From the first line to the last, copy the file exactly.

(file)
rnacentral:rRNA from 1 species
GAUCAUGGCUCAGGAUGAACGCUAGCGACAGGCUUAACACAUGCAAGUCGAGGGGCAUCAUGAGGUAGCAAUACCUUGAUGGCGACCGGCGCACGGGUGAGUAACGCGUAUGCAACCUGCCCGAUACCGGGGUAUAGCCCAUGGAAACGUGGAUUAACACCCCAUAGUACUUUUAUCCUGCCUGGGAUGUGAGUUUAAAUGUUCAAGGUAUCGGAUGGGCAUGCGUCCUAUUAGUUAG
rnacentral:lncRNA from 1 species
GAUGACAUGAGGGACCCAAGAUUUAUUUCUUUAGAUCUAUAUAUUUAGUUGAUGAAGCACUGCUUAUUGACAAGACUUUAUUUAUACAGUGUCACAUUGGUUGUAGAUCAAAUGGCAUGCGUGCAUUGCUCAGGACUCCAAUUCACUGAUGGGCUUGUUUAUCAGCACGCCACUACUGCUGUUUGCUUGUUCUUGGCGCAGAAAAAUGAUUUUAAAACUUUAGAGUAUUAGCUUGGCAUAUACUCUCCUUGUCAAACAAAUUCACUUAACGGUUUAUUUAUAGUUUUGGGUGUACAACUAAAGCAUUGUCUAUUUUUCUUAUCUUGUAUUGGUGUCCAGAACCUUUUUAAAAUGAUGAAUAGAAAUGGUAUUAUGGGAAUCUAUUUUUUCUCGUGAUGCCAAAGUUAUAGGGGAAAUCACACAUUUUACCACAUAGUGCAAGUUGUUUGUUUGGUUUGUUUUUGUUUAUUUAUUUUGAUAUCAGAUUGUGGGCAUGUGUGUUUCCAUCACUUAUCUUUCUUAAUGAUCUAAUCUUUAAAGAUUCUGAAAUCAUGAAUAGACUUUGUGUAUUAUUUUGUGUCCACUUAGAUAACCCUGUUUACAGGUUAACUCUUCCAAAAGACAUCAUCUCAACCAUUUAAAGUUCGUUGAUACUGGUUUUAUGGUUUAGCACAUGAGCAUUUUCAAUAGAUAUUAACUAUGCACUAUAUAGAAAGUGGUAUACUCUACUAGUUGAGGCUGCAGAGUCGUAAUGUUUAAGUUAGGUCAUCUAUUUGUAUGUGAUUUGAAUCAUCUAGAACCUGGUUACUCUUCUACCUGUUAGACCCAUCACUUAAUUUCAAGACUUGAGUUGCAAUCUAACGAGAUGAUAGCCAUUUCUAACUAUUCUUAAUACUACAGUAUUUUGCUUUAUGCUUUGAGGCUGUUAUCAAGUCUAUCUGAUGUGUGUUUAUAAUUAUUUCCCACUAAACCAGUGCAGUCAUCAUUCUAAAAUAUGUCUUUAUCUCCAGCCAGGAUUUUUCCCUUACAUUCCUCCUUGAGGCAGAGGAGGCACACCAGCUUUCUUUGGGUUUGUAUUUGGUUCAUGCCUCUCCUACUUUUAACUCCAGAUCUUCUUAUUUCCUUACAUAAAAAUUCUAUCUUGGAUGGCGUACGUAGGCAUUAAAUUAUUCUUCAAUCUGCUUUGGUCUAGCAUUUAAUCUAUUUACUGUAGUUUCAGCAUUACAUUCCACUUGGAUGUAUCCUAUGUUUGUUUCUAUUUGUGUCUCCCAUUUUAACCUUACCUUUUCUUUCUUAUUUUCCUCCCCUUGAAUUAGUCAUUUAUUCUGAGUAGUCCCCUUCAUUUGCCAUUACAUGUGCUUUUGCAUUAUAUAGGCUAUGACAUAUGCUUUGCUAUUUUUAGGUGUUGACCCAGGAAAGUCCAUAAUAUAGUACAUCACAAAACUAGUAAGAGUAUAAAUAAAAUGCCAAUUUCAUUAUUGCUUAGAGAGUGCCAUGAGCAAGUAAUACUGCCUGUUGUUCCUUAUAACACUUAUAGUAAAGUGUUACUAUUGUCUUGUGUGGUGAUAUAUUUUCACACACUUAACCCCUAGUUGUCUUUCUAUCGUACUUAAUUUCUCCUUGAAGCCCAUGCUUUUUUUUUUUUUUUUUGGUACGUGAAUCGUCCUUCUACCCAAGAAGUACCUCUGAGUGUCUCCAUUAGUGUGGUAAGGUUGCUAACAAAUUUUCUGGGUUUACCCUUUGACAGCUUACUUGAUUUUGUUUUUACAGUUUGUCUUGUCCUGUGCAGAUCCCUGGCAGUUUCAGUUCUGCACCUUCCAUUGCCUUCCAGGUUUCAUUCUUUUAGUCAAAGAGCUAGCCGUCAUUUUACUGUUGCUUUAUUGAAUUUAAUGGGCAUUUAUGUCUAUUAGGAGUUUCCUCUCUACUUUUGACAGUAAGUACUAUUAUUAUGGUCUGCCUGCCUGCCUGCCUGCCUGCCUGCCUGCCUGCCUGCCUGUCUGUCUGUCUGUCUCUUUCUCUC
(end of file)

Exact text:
rnacentral:rRNA from 1 species
GAUCAUGGCUCAGGAUGAACGCUAGCGACAGGCUUAACACAUGCAAGUCGAGGGGCAUCAUGAGGUAGCAAUACCUUGAUGGCGACCGGCGCACGGGUGAGUAACGCGUAUGCAACCUGCCCGAUACCGGGGUAUAGCCCAUGGAAACGUGGAUUAACACCCCAUAGUACUUUUAUCCUGCCUGGGAUGUGAGUUUAAAUGUUCAAGGUAUCGGAUGGGCAUGCGUCCUAUUAGUUAG
rnacentral:lncRNA from 1 species
GAUGACAUGAGGGACCCAAGAUUUAUUUCUUUAGAUCUAUAUAUUUAGUUGAUGAAGCACUGCUUAUUGACAAGACUUUAUUUAUACAGUGUCACAUUGGUUGUAGAUCAAAUGGCAUGCGUGCAUUGCUCAGGACUCCAAUUCACUGAUGGGCUUGUUUAUCAGCACGCCACUACUGCUGUUUGCUUGUUCUUGGCGCAGAAAAAUGAUUUUAAAACUUUAGAGUAUUAGCUUGGCAUAUACUCUCCUUGUCAAACAAAUUCACUUAACGGUUUAUUUAUAGUUUUGGGUGUACAACUAAAGCAUUGUCUAUUUUUCUUAUCUUGUAUUGGUGUCCAGAACCUUUUUAAAAUGAUGAAUAGAAAUGGUAUUAUGGGAAUCUAUUUUUUCUCGUGAUGCCAAAGUUAUAGGGGAAAUCACACAUUUUACCACAUAGUGCAAGUUGUUUGUUUGGUUUGUUUUUGUUUAUUUAUUUUGAUAUCAGAUUGUGGGCAUGUGUGUUUCCAUCACUUAUCUUUCUUAAUGAUCUAAUCUUUAAAGAUUCUGAAAUCAUGAAUAGACUUUGUGUAUUAUUUUGUGUCCACUUAGAUAACCCUGUUUACAGGUUAACUCUUCCAAAAGACAUCAUCUCAACCAUUUAAAGUUCGUUGAUACUGGUUUUAUGGUUUAGCACAUGAGCAUUUUCAAUAGAUAUUAACUAUGCACUAUAUAGAAAGUGGUAUACUCUACUAGUUGAGGCUGCAGAGUCGUAAUGUUUAAGUUAGGUCAUCUAUUUGUAUGUGAUUUGAAUCAUCUAGAACCUGGUUACUCUUCUACCUGUUAGACCCAUCACUUAAUUUCAAGACUUGAGUUGCAAUCUAACGAGAUGAUAGCCAUUUCUAACUAUUCUUAAUACUACAGUAUUUUGCUUUAUGCUUUGAGGCUGUUAUCAAGUCUAUCUGAUGUGUGUUUAUAAUUAUUUCCCACUAAACCAGUGCAGUCAUCAUUCUAAAAUAUGUCUUUAUCUCCAGCCAGGAUUUUUCCCUUACAUUCCUCCUUGAGGCAGAGGAGGCACACCAGCUUUCUUUGGGUUUGUAUUUGGUUCAUGCCUCUCCUACUUUUAACUCCAGAUCUUCUUAUUUCCUUACAUAAAAAUUCUAUCUUGGAUGGCGUACGUAGGCAUUAAAUUAUUCUUCAAUCUGCUUUGGUCUAGCAUUUAAUCUAUUUACUGUAGUUUCAGCAUUACAUUCCACUUGGAUGUAUCCUAUGUUUGUUUCUAUUUGUGUCUCCCAUUUUAACCUUACCUUUUCUUUCUUAUUUUCCUCCCCUUGAAUUAGUCAUUUAUUCUGAGUAGUCCCCUUCAUUUGCCAUUACAUGUGCUUUUGCAUUAUAUAGGCUAUGACAUAUGCUUUGCUAUUUUUAGGUGUUGACCCAGGAAAGUCCAUAAUAUAGUACAUCACAAAACUAGUAAGAGUAUAAAUAAAAUGCCAAUUUCAUUAUUGCUUAGAGAGUGCCAUGAGCAAGUAAUACUGCCUGUUGUUCCUUAUAACACUUAUAGUAAAGUGUUACUAUUGUCUUGUGUGGUGAUAUAUUUUCACACACUUAACCCCUAGUUGUCUUUCUAUCGUACUUAAUUUCUCCUUGAAGCCCAUGCUUUUUUUUUUUUUUUUUGGUACGUGAAUCGUCCUUCUACCCAAGAAGUACCUCUGAGUGUCUCCAUUAGUGUGGUAAGGUUGCUAACAAAUUUUCUGGGUUUACCCUUUGACAGCUUACUUGAUUUUGUUUUUACAGUUUGUCUUGUCCUGUGCAGAUCCCUGGCAGUUUCAGUUCUGCACCUUCCAUUGCCUUCCAGGUUUCAUUCUUUUAGUCAAAGAGCUAGCCGUCAUUUUACUGUUGCUUUAUUGAAUUUAAUGGGCAUUUAUGUCUAUUAGGAGUUUCCUCUCUACUUUUGACAGUAAGUACUAUUAUUAUGGUCUGCCUGCCUGCCUGCCUGCCUGCCUGCCUGCCUGCCUGCCUGUCUGUCUGUCUGUCUCUUUCUCUC